As the world heats up with climate change, urban areas with their dense habitations, traffic congestions, higher pollution levels and excessive cement and concrete invariably heat up more than rural areas. What is less realized is that within a single city certain areas can heat up much more than others, and the difference can be as high as 10 degrees Celsius, or even more. As several recent research studies have shown, these hot spots are invariably the more crowded, less green areas inhabited by the poorer sections.
A study by the University of California—San Diego, which covered 1056 counties in the USA revealed that low income neighborhoods and communities with higher black, Hispanic and Asian populations experienced more heat than wealthier and predominantly white neighborhoods in a vast majority of USA counties. ( Science News, July 13 2021).
This is confirmed closer to home in a study of three cities Delhi, Dacca and Faisalabad titled ‘Patterns of outdoor exposure to heat in three South Asian cities ( published in Science of the Total Environment, 15 July 2019). The authors of this study (Cor. Jacobs, Tanya Jacob and others) have concluded on the basis of data for April –September 2016 that not only are daytime heat levels consistently in the category of dangerous to very dangerous, in addition “people living in informal neighborhoods are consistently more exposed to heat than people living in more prosperous neighborhoods.”
This has been confirmed in several studies in various parts of the world including Latin America and the Middle East, while some other researchers like Vivek Shandas, Professor of climate adaptation studies at the Portland State University, USA, have also stated that those who have been victims of discrimination, including the immigrants and the poor are often found in larger numbers in these urban hot spots. ( Urban heat is a huge challenge—Vivek Shandas, The Times of India, March 2022).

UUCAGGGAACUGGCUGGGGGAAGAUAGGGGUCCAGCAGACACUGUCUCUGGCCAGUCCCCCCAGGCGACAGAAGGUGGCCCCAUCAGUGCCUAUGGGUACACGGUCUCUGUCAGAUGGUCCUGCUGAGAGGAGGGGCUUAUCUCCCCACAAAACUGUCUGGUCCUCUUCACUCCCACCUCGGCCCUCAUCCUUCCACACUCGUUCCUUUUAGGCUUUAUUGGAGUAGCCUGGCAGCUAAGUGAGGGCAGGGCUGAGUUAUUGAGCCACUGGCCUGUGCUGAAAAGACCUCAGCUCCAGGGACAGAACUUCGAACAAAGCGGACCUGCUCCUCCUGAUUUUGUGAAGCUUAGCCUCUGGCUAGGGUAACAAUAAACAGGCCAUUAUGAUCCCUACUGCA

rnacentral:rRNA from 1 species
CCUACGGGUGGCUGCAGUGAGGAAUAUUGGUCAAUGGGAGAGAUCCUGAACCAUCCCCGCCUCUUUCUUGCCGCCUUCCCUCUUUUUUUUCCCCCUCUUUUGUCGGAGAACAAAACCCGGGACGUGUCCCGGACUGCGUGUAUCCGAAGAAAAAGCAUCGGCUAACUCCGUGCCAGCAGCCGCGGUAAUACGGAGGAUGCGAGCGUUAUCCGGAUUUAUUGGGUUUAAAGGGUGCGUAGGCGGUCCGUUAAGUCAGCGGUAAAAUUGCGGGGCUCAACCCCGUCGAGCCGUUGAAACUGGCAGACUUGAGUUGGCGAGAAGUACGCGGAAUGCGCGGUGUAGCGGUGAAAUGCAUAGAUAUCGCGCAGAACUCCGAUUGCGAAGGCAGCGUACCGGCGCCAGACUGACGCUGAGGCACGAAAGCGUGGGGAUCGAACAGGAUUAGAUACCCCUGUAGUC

This it is not by accident or coincidence but rather due to policies of injustice and discrimination that the poorer sections of urban populations tend to be frequently more concentrated in the hottest parts of many cities. Hence policies of justice and equality in urban areas have a very important role in bringing relief to the people worst affected by increasing heat in these times of climate change.
As the study quoted above on three South Asian cities emphasized, the heat stress for poorer neighborhoods can be reduced by enhancing greenery and by protecting ( or creating) water-bodies)—increasing green and blue areas. Unfortunately the budgets for parks, lakes and afforestation in most cities are often biased in favor of the more prosperous areas which are already greener. Keeping in view the global warming trends, there is a strong case for giving much more attention ad allocating much more funds for afforestation and water conservation work in slum areas and poorer neighborhoods.
In addition there is greater need for improving health conditions in poorer neighborhoods and for placing health and ambulance services here on high alert in times of increasing heat, particularly heat waves. As the research of Jeremy Hoffman, Chief Scientist at the Science Museum, Virginia, USA, has confirmed, most calls for heat emergencies and emergencies are received from poorer neighborhoods. ( Summer in the city is hot, but some neighborhoods suffer more, The New York Times, August 9, 2019).